Further, it is going to be years before Jupiter or Saturn higher in the sky for northern observers. So looking at planets when they are low on the horizon isn't just a newbie issue. Sure, I can wait until midnight for Mars to rise above 45 degrees (well, actually last night I couldn't because I started falling asleep at 10:00 and had to pack it in, but was still able to see the southern polar cap and Mare Sirenum and Cimmerium in my 4" when it was lower than optimal for viewing). But I would have to wait years before Saturn or Jupiter climb that high.
Turning to your main point that pretty soon, there will be no more planets to observe, we probably have another couple months to observe Mars -- that's pretty much the only planet I am looking at these days, since Mars won't be this close again for another 15 years.
But in a way I am looking forward to the planets being gone since I will then be able to turn my attention to double stars again. I only started becoming interested in double stars last year but have found that I prefer the aesthetics of double stars in the refractor, both because of no diffraction spikes and also because of the aesthetics of viewing stars in smaller apertures as discussed in this thread.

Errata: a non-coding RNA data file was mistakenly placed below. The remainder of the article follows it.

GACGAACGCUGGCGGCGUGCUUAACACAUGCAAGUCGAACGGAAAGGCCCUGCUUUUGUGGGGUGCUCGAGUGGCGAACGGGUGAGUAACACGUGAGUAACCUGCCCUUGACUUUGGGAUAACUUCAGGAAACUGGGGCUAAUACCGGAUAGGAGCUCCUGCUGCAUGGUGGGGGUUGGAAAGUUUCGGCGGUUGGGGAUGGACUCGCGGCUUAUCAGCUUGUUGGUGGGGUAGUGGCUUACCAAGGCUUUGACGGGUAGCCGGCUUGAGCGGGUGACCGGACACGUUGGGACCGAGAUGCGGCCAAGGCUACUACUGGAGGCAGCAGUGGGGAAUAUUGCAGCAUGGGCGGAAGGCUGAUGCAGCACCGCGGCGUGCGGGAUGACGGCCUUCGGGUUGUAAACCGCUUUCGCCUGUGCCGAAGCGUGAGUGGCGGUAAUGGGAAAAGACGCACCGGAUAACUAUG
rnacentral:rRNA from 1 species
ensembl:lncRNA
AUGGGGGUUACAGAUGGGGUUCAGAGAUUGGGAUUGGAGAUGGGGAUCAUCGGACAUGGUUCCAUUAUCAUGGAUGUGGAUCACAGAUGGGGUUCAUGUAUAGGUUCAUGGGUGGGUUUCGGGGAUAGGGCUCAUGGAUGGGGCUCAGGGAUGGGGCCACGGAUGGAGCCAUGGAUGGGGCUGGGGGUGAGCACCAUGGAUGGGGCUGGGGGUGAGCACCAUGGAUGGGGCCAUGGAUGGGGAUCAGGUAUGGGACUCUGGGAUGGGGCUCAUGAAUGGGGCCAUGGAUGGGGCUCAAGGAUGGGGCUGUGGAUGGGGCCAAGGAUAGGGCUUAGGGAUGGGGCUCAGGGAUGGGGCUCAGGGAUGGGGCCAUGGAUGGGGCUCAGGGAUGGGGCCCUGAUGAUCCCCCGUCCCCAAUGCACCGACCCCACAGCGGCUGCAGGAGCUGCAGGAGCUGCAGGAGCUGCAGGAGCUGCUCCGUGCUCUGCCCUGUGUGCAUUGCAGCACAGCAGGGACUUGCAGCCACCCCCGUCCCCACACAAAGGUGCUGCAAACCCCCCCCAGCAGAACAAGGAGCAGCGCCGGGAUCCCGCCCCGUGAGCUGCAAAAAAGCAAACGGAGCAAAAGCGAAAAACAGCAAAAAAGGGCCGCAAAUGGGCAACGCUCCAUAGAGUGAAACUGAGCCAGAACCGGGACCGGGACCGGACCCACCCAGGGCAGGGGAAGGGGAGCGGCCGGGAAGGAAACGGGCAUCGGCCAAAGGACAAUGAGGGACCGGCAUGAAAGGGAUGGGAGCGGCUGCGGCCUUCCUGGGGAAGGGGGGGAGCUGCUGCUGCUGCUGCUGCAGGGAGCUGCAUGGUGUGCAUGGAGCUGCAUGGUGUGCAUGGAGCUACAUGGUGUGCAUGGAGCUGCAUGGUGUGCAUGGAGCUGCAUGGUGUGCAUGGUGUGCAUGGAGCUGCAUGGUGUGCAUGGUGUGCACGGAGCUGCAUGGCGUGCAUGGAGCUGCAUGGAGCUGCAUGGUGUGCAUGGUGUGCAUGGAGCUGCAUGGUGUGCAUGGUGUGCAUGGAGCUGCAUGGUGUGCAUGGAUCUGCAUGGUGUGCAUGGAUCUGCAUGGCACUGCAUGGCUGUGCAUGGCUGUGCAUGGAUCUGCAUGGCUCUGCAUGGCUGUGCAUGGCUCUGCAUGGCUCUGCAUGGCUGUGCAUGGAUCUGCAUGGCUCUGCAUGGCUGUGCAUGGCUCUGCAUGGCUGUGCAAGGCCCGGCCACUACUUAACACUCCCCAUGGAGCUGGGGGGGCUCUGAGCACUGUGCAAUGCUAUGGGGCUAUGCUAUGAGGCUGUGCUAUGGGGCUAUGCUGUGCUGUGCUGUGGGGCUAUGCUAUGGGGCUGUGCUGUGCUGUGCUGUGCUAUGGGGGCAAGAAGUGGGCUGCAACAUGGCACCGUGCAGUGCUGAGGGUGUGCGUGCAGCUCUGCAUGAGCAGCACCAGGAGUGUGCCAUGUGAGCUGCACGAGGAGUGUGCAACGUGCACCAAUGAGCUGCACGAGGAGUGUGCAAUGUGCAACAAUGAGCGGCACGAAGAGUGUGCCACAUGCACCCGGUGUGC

Also, the same issues of seeing and cooling also affect larger reflectors more than smaller refractors when viewing double stars, just like viewing planets.
Sure there are double stars that cannot be fully resolved in a 4" that can be in an 8", but there are thousands of double stars that are within the range of being fully resolved in a 4". For instance, last April, I tracked down STF 1830-1831 in my 4" and was able to resolve all 7 components -- it is a fantastic multiple star system. I haven't tracked this particular double star down in any of my reflectors, but based on my experience viewing other double stars in my other scopes, I cannot imagine a double star like this would look any "better" in a larger reflector. It is all about picking a target to match your scope, and there are hundreds if not thousands of double stars that are well matched to a 4" scope.
Edited by Ihtegla Sar, 22 October 2020 - 12:38 PM.